Risk & Compliance

Activist Fund Forces Tempur Sealy CEO to Quit

The mattress maker's shareholders vote against re-election of the CEO, chairman, and the chair of the board's corporate governance committee.
Matthew HellerMay 11, 2015

In another coup for activist investors, mattress maker Tempur Sealy International announced Monday that CEO Mark Sarvary will step down as part of an overhaul of its management and board.

Sarvary and other Tempur Sealy executives had been the target of activist hedge fund H Partners Management, which has argued that the company has underperformed both its competition and the broader stock markets.

At the annual meeting on Friday, shareholders voted against the re-election to the board of Sarvary, Chairman P. Andrews McLane, and the chairman of the board’s corporate governance committee, Christopher A. Masto.

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As part of the changes announced Monday, Sarvary, McLan, and Masto are all stepping down. Tim Yaggi, currently Tempur Sealy’s operating chief, will take over as CEO on an interim basis, while H Partners’ Usman Nabi will join the board.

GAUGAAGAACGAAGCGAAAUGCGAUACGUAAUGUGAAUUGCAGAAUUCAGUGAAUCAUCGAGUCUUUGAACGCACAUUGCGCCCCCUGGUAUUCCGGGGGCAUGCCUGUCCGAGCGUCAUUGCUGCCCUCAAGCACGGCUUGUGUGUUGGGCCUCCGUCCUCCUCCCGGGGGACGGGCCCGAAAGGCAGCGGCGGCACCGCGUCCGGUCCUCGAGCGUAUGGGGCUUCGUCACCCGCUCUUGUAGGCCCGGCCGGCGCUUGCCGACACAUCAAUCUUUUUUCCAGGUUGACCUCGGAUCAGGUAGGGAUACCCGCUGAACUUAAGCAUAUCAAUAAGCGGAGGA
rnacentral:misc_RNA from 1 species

“I look forward to collaborating with the board and management team to help the company achieve its full potential,” Nabi said in a news release.

As Bloomberg reports, H Partners, Tempur Sealy’s largest shareholder, had called for Sarvary’s ouster as CEO, urging the Lexington, Ky.-based company to recruit a “capable” leader, overhaul its management structure, and better communicate with workers, shareholders, and retailers. The hedge fund was previously known for helping turn around theme-park operator Six Flags Entertainment.

The New York Times called Friday’s shareholder vote “stunning,” saying it “illustrates the continued prominence and success of activist investors who demand shake-ups of what they say are underperforming companies.”

In response to H Partners’ campaign, Tempur Sealy had argued that the hedge fund had no experience in the mattress industry and no alternative plan.

“Tempur Sealy needs — and has — steady and experienced leadership at the helm to navigate this critical time in the execution of the company’s strategy,” the company said in a recent letter to investors.

The new management will face a challenge. According to Forbes, Tempur Sealy’s profit margins “are in a chronic state of contraction, and it appears that low-to-mid single digit sales growth is coming at the expense of profitability.”

Tempur Sealy’s stock was down about 3.4% in trading Monday.